Madeira Drive

Childhood memories

By David Strong

Vibrant seaside town

I was born  on 14th July 1930 at 257 Preston Drove Brighton, the elder son of Leslie S Strong and Joan M Strong (nee Quick). At that time Brighton was a vibrant special seaside town. It was special because it was somewhat cosmopolitan and a mixture of wealth and poverty, but it was also graced as it is today by the aura of the Regency period. The town was throbbing with entertainment, a rich mixture of fading Edwardian and contrasting modern pleasures - much of it visual and therefore entirely free of cost.

Visits to the beach

Between 1930 and 1936 we lived in the eastern part of Brighton, and in close proximity to the Marine Parade. My very earliest memories are of being taken by my mother to Madeira Drive, so that I could watch the comings and goings of Volk’s Railway. From five onwards, when living at a flat at 52 St George's Road above a ham and beef shop, I recollect with great clarity going to the beach by way of the Kemp Town lift. The lift was operated by a man pulling ropes and was fascinating to a small child.

Photo:Madeira Terrace lift constructed in the 19th century

Madeira Terrace lift constructed in the 19th century

Photo by Tony Mould


A special ice cream parlour

Other memories are of the Hospital Carnivals, and also the motor racing on Madeira Drive. I can also recall the very particular smell of the Tamplin’s Brewery at Paston Place. I do have a special recollection of  Gizzi’s Ice Cream Parlour which was at the bottom of St James’s  Street and housed in premises decorated in an art deco style.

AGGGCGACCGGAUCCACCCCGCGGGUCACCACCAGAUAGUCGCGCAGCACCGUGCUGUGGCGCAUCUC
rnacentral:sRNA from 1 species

This page was added on 26/07/2012.
Comments about this page

The son of the owner of Gizzies was at Clark's College just around the corner in Old Steine about 1947 during my time at the school but none of us ever got a free ice cream or milk shake.

By Ken Ross (27/07/2012)

I think I am correct in saying that the Madeira Terrace lift was originally operated by water. ie: The man pulling on the rope operated a valve which either emptied or filled a tank causing the lift to rise or descend working on a counterbalance system. I remember hearing the rushing of the water in and out. In later years I think it was converted to electric operation. We didn't use it very often as I seem to remember you had to pay the man (probably only a penny or so; 1d). When we were on the beach or at Peter Pan's we used to have to keep an eye on the clock there, now gone, to see when it was time to go home or run up to the cafe underneath for an Eldorado ice cream. You may also remember the Volk's Railway carriages stored underneath the arches during, and for a while after, the War until the beach defences were removed and services re-commenced.

By Tim Sargeant (27/07/2012)

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